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Settlements/Buyouts Lawyer

Worker’s compensation benefits can last for years, depending on your medical needs and the type of disability (partial, total, temporary, permanent). Rather than continue paying benefits for an unknown period, your employer’s insurance carrier may try to settle or buyout your claim for a set amount. Usually, this amount is paid in one lump sum, although it may be paid over a lifetime through a structured settlement including a partial lump sum payment plus periodic payments.

A workers’ compensation buyout or settlement is known in Pennsylvania as a compromise and release, and it puts an end to your ability to seek further workers’ comp benefits for your injury. When should you accept a settlement/buyout, and when should you pass on this opportunity? An experienced workers’ compensation lawyer at the Figured Law Firm can take the time to thoroughly understand your situation and fully explain your options. We can help you get the best long-term results after a workplace injury in eastern Pennsylvania.

Why would an insurer buy out your workers’ compensation claim?

Under Pennsylvania workers’ compensation law, there is no limit on how long medical care is covered. You receive benefits for as long as you need them, so long as expenses are reasonable, necessary and related to the treatment of your work injury. Insurance companies often use tools such as an IME to try and terminate or suspend your benefits. When these tactics fail, however, the carrier may prefer to buy out your claim to get it off the books. The settlement may include wage loss replacement (sometimes called commutation), medical bills or both, for a full release of your claim.

The insurance company is not required to offer you a buyout, and you are not required to accept one. If a reasonable settlement can be reached that provides you with what you need, a buyout may be preferable to both employee and employer. Keep in mind, though, that the carrier is only offering a settlement it thinks is financially advantageous to them, which means it might not be in your best interests. It’s important to have an experienced workers’ compensation attorney who is familiar with your case review any proposed settlement offer and negotiate on your behalf to ensure you get the best deal available.

What are the pros and cons of accepting a settlement or buyout of your workers’ comp claim?

On the plus side is the fact that stepping outside of the workers’ compensation system enables you to control your medical care without worrying about periodic IMEs and Utilization Reviews and attempts to cut off your benefits, or wondering whether the insurance company will accept or deny the doctor’s medical bills at any point, forcing you into bureaucratic nightmares, hearings and appeals just to hang on to your benefits for as long as you need them. Once freed of workers’ comp rules, you can see your doctor when you want for as long as you need without the employer’s workers’ comp carrier constantly looking over your shoulder or conducting surveillance of your leisure activities.

On the other hand, while taking charge of your health care may be liberating in one way, it may also be burdensome in another way. If you are still under a doctor’s care, the burden of paying for your health care now falls on you. You can set aside that lump sum in a special account designated for medical expenses, but you’ll need to be disciplined and not spend that money on other needs. Also, if medical costs end up exceeding your settlement amount, you can’t go back to workers’ comp and ask for more help.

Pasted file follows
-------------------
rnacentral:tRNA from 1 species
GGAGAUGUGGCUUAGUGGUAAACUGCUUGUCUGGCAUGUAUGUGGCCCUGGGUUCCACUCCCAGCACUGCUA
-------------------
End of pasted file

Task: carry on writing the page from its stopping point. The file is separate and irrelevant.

If you have good health insurance on your own or through your employer, your health insurance will pick up much of the cost of your health care, after you meet deductibles and co-pays. But the health insurance carrier may try to limit or control your treatment similar to how the workers’ comp insurer was operating. It’s possible you could end up trading one insurance headache for another.

How do you decide on a workers’ compensation settlement/buyout?

Talk with your treating physician and evaluate as best you can what your future medical needs and costs will be. Future costs depend on the nature and extent of your injury and the type of future treatment and care required. Will there be future surgeries with risks of complications? Are degenerative conditions such as arthritis likely to arise from your injury, requiring a lifetime of ongoing care?

Once you’ve got a handle on your needs, talk to an experienced workers’ compensation lawyer about representing you in negotiations with the insurance company. Odds are that whatever amount they are offering you is less than the full amount owed to you. If they weren’t saving money through a settlement/buyout, they wouldn’t be offering it. Your lawyer can evaluate the entire circumstances surrounding your case and counsel you on whether a settlement/buyout is desirable, providing further assistance in negotiating a settlement/buyout that truly reflects your needs and what you are owed under Pennsylvania workers’ compensation.

Talk to Attorney Keith Figured about Your Workers’ Compensation Settlement/Buyout

The insurance company may offer a settlement/buyout as soon as you have been out of work for more than four months. Don’t accept any offers or engage in negotiations until you have talked with an experienced and successful workers’ compensation lawyer for the best result. In eastern Pennsylvania, call attorney Keith Figured of the Figured Law Firm at 570-954-9299 for a no-cost, confidential consultation.

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